TORU YAMANAKA/AFP/Getty Images
Oscar-winning Japanese animator and film director Hayao Miyazaki walks past a advertising board for a photo session following the release of his animated movie "Ponyo on the Cliff by the Sea" at a theater in Tokyo on July 19, 2008. Miyazaki's retirement was announced this week at the Venice Film Festival
About the worst news any lover of animation could receive came from the Venice Film Festival this week, when the Oscar-winning director Hayao Miyazaki announced his retirement.
Miyazaki is the most admired and influential director working in animation today. When you speak to animators anywhere in the world, they invariably name him as the artist they most admire. John Lasseter says that when they get stuck on a film at Pixar, they screen one of Miyazaki’s features for inspiration. Chris Sanders and Dean DeBlois at DreamWorks cite him as an influence; so do the directors at Disney.
Miyazaki, who co-founded Studio Ghibli, has made 11 features, plus a few TV shows and few short films. There’s not a bad film in the lot, and many of them are brilliant.
Like Walt Disney, Miyazaki understands that animation is often most effective when it’s presented without dialogue.
Satsuki and Mei waiting for the "bus" in the rain in My Neighbor Totoro ...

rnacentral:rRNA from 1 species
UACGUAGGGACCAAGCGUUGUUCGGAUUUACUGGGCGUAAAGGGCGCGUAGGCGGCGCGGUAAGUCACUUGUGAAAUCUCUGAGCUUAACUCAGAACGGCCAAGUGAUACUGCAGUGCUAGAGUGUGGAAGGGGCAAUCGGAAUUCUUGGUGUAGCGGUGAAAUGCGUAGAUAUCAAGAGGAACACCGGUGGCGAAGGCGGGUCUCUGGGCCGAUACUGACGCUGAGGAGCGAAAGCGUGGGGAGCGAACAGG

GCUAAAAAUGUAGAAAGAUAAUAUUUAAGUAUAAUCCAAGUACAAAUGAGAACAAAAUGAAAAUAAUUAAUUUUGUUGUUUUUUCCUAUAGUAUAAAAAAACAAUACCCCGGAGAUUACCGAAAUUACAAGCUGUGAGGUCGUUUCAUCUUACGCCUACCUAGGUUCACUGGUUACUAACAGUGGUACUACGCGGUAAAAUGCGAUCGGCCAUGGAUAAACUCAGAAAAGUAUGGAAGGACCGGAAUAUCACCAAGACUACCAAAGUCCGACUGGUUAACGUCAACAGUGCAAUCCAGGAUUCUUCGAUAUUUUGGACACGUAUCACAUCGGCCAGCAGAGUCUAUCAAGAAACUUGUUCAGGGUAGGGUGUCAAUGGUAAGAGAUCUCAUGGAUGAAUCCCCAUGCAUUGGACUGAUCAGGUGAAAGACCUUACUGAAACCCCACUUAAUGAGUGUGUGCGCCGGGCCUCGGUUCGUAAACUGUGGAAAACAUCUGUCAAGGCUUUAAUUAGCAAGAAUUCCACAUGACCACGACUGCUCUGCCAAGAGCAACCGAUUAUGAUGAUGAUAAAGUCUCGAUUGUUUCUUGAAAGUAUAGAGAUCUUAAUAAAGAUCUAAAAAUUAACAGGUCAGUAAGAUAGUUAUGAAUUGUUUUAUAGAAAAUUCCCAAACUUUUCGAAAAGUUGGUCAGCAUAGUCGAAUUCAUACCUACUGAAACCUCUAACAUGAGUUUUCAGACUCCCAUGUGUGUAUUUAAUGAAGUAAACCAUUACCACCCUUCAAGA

... or Chihiro riding the mysterious train in Spirited Away. These are magical moments. Their influence can be seen when Hiccup befriends Toothless in How to Train Your Dragon, and in the heartbreaking vignette in Up! that tells the story of Carl and Ellie’s marriage.
How much less enchanting would those moments be if the characters nattered.
Miyazaki, who is now 72, has talked about the need to groom new directors at Ghibli, noting that he and fellow director Isao Takahata are getting older. He talked about retiring in 1998, after Yoshifume Kondo, the promising young director he worked with on Whisper of the Heart, died of an aneurism, reportedly brought on by overwork. He complained that his eyes were bothering him after Spirited Away and that he might retire. But he kept on making films.
The last time I spoke with Miyazaki was in Tokyo few years ago, when he was clearly still a vigorous man, in full command of his artistic powers. And 72 seems too young to retire: Kurosawa made Ran when he was 75; Takahata is 78 and at work on a new film. Animation artists tend to have long careers: Betty Boop creator Grim Natwick continued animating into his 90’s; Bambi designer Tyrus Wong remains active at 102.
If Miyazkai’s decision proves final, he leaves behind an extraordinary body of work that will continue to influence the art of animation for decades to come. But animators and fans everywhere hope he’ll change his mind and keep making movies, and further enrich the art of animation, for years to come.
Hayao Miyazaki's final feature, The Wind Rises, will be released in the US by Touchstone Pictures on November 8 for a one-week award Oscar-qualifying run at the Landmark Theater on Pico Boulevard in West Los Angeles.
Animation expert Charles Solomon is author of, among other books, The Art and Making of Peanuts Animation: Celebrating Fifty Years of Television Specials.